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Nuclear to the rescue?

A hi-tech nuclear power plant. Uganda plans to build such facilities to boost her electricity needs.
A hi-tech nuclear power plant. Uganda plans to build such facilities to boost her electricity needs.

Uganda, Russia reach understanding to harness huge Uranium deposits to produce thousands of mega watts from nuclear energy

It’s now official; Uganda’s plan to develop nuclear as a source of electricity is on course. On Oct. 13, a Russian government delegation was in Uganda to meet President Yoweri Museveni.  The delegation comprised top officials from Rosatom State Atomic Energy Corporation, which was led by Viktor Polikarpov, the firm’s regional vice-president for Sub-Saharan Africa.

Both parties confirmed a willingness to start cooperation in the “peaceful use of nuclear power” and signed a framework memorandum of understanding, with the Ministry of Energy and Mineral Development signing on the behalf of Uganda. Effectively, the country has made a giant step towards nuclear power development. Should the talks materialise, co-operation between the two countries will see Uganda gain expertise so as to realize nuclear power development.

President Museveni, who is a strong advocate of industrialization and value addition to Uganda’s mineral resources, said he supports the development of nuclear power in the near future and emphasised the importance of professional training of Ugandan nationals in this sphere.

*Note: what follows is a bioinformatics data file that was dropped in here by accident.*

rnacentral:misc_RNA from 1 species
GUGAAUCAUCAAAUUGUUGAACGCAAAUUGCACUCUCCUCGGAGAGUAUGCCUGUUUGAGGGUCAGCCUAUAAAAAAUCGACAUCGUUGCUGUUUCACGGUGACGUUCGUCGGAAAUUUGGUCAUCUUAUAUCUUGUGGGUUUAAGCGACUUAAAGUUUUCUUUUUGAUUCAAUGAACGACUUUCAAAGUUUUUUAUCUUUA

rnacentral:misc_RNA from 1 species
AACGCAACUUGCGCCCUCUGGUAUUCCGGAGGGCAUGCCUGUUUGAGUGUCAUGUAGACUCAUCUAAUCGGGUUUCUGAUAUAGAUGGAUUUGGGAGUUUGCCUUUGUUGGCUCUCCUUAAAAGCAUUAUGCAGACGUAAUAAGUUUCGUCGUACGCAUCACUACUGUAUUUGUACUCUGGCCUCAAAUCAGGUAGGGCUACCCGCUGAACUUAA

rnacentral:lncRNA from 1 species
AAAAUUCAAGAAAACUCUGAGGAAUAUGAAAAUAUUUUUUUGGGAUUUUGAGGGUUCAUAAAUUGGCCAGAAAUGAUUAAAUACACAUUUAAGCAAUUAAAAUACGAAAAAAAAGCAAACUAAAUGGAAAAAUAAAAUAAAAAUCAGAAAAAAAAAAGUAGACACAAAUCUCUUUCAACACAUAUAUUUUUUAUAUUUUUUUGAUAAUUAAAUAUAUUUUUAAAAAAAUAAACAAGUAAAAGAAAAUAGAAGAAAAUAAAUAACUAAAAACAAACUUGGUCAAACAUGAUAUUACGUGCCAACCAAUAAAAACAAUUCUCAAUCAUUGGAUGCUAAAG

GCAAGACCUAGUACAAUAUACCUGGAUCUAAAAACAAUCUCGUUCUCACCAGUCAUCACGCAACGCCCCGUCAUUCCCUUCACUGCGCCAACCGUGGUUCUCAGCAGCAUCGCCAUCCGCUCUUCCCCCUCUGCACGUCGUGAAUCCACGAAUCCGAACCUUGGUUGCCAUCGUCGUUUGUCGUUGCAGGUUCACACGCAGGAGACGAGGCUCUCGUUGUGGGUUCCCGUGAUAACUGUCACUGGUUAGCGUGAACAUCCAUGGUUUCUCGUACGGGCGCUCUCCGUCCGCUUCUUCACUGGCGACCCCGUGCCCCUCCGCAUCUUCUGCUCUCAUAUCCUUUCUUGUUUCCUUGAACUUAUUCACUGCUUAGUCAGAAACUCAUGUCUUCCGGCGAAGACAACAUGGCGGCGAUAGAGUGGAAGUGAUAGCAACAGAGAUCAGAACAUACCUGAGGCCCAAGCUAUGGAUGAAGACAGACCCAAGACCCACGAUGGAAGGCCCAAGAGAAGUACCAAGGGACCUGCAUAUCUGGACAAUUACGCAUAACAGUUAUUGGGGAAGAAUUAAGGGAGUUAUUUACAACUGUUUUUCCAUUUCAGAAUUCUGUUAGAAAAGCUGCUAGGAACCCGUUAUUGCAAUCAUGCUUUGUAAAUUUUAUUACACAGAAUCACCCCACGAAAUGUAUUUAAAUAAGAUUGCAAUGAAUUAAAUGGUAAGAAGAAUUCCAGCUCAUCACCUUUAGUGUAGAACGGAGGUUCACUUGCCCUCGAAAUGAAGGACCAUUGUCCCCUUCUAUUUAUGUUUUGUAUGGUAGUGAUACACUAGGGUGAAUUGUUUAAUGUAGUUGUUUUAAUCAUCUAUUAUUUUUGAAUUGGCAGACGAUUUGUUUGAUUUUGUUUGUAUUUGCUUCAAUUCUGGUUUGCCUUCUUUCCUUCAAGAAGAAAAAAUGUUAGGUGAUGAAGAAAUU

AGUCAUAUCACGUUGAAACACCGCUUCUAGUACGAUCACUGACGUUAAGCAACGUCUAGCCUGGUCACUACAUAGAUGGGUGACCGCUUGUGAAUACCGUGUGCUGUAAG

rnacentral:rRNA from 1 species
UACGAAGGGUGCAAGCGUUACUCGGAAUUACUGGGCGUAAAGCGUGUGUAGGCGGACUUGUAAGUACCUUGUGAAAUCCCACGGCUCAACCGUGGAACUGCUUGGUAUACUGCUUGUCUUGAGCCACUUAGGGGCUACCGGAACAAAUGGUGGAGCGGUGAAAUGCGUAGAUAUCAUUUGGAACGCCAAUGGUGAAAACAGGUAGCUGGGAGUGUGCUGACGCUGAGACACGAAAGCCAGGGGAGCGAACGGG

A government technical team in energy development is set to travel to Russia in the next couple of months to have a firsthand experience of the country’s nuclear power generation plants before the two States sign a final memorandum of understanding for  nuclear energy production on Ugandan soil.

Indeed, some of the government officials that are privy to negotiations told The Independent that Uganda is not only engaging Russia on nuclear power generation but also using nuclear in cancer treatment, agriculture and research.

At the October meeting in Kampala, Alexey Volin, the Russian deputy minister for communication and mass media,  said Russia wants to see, among other things, “the construction of a lot of nuclear plants because you need a lot of energy.”

Rosatam, the Russian State atomic energy corporation, among others, runs Uranium extraction and production, nuclear power generation, nuclear fuel, nuclear weapons and nuclear safety activities in Russia and globally.

A number of other African countries have shown interest in working with Rosatam to develop their nuclear potential. They include Ghana, Nigeria, Egypt, Tunisia, Morocco, Algeria and Kenya.

According to the government’s national development blueprint; Vision 2040, Uganda intends to use its uranium reserves to generate electricity. The blueprint identifies energy as a major resource that the government is banking on to drive its industrialisation programme.